although
      some of them had been baptized into Orthodox many years before, they
      had
      been given no instruction in the Faith whatever. Where Orthodoxy was
      concerned, they were functionally illiterate. But an old man of their
      village had told them that a priest would come on this very day and,
      when
      he came, he would teach them how to pray. The old man had also
      carefully
      described the priest-and indeed this was a description of Fr. John
      Veniaminov himself.


      When he met the old man, the missionary was amazed at his knowledge of
      Scripture and Orthodox Christian doctrine-especially since he could not
      read or write and, like the other natives, had been taught nothing
      about
      the Faith. "There was no 'normal' way for him to know these things....
      [The
      old man] replied quite simply that two companions had informed him of
      these
      things. 'And just who are these two "companions" of yours?'" he asked
      the
      old man. " 'White men,' he replied....'They live nearby, in the
      mountains.
      And they visit me every day.' The old man then provided a description
      which
      tallied very closely with the way in which the Holy Archangel Gabriel
      is
      portrayed on icons: in a white robe with a rose-colored band across the
      shoulders." (Garrett, Saint Innocent: Apostle to America, pps. 79-80)
      As
      this story unfolded, Saint Innocent learned that the old man had been
      visited regularly-daily, in fact-over a period of thirty years, by two
      angels of God, who had taught him the depths and mysteries of Orthodox
      theology. When Fr. John asked if he could himself meet these spirits of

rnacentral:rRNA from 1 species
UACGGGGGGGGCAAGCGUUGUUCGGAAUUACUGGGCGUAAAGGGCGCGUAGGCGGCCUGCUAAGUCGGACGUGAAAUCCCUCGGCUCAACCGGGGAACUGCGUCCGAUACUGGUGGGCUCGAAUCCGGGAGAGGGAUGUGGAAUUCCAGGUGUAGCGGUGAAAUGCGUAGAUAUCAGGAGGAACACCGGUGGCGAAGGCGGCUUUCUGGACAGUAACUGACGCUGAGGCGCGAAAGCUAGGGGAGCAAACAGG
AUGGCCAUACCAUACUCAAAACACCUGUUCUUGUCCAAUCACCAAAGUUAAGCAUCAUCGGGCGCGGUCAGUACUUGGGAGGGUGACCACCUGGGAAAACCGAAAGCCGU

God
      he was informed that he could. But "something unexplainable then
      happened
      to Fr. John, as he reports to the bishop:


      I was filled with fear and humility, and thought to myself, "What if
      I
      really were to see them- these angels...? I'm a sinful man, unworthy of
      talking to them. If I were to decide to see them it would be nothing
      but
      pride and presumption on my part. If I were to meet real angels, I
      might
      exalt myself for having such great faith, or start thinking too highly
      of
      myself. . . . No, I'm unworthy; I'd best not go." (Garret, p. 82)


      In this account we glimpse the element of the supernatural, the
      "other-worldly": the fact that there is another world beside this, and
      another life, different from the life we lead here; and this other
      world
      sometimes, according to God's will, impinges upon us here in this life,
      in
      this world. This means that in order for us to have true Orthodoxy, and
      in
      order for Orthodox Christianity to have any kind of future at all, we
      must
      ourselves first of all have some sense, some awareness of that other
      world
      and its closeness to us. [1]


      Knowing about "other-worldliness" isn't about having supernatural or
      some
      kind of "occult" experiences. But it is about remembering that this
      life is
      only very temporary, a pilgrimage, in fact, and we should not hold onto
      it
      tightly because, ultimately, all of it will be taken away from us at
      death,
      anyway, and then we will have only the virtues that we have managed, by
      God's grace, to acquire.


      This is an extremely important message for us Orthodox Christians to
      bring
      to the world: that there is indeed another world, that this is not a
      myth
      or a fairy tale but something which is real, and that this present life
      here on earth is a preparation for that life which is to come, that
      there
      is accountability and responsibility and judgment, as well as reward or